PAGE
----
Diet Does Not Affect Breast Cancer?


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The objective of The Women’s Healthy Eating and Living (WHEL) Randomized Trial 1 was to:

Assess whether a major increase in vegetable, fruit, and fiber intake and a decrease in dietary fat intake reduces the risk of recurrent and new primary breast cancer and all-cause mortality among women with previously treated early stage breast cancer.

The conclusion of this “controlled trial of dietary change in 3088 women previously treated for early stage breast cancer” was:

Among survivors of early stage breast cancer, adoption of a diet that was very high in vegetables, fruit, and fiber and low in fat did not reduce additional breast cancer events or mortality during a 7.3-year follow-up period.
The study was a randomized controlled trial of dietary change in 3088 women previously treated for early stage breast cancer who were 18 to 70 years old at diagnosis.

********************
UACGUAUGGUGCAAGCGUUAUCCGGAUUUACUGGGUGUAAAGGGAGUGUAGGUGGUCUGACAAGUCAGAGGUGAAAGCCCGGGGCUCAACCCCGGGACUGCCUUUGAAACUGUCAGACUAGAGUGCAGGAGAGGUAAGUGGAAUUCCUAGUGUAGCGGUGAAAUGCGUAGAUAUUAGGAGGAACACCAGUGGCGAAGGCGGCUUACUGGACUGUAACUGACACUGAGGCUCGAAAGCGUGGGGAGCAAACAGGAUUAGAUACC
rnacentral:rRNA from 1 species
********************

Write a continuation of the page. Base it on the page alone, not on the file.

The intervention group consisted of 1,537 women randomly assigned to receive a telephone counselling program supplemented with cooking classes and newsletters that promoted daily targets of 5 vegetable servings plus 16 oz (470 ml) of vegetable juice; 3 fruit servings; 30 g of fiber; and 15% to 20% of energy intake from fat.

The comparison group consisted of 1,551 women who were provided with print materials describing the “5-A-Day” dietary guidelines.

This made headlines all over the world. This is the proof people were waiting for – that changes to your diet has no impact on breast cancer. Medical practitioners, dieticians and the public now have the evidence that changing your diet is not helpful in recovery from breast cancer.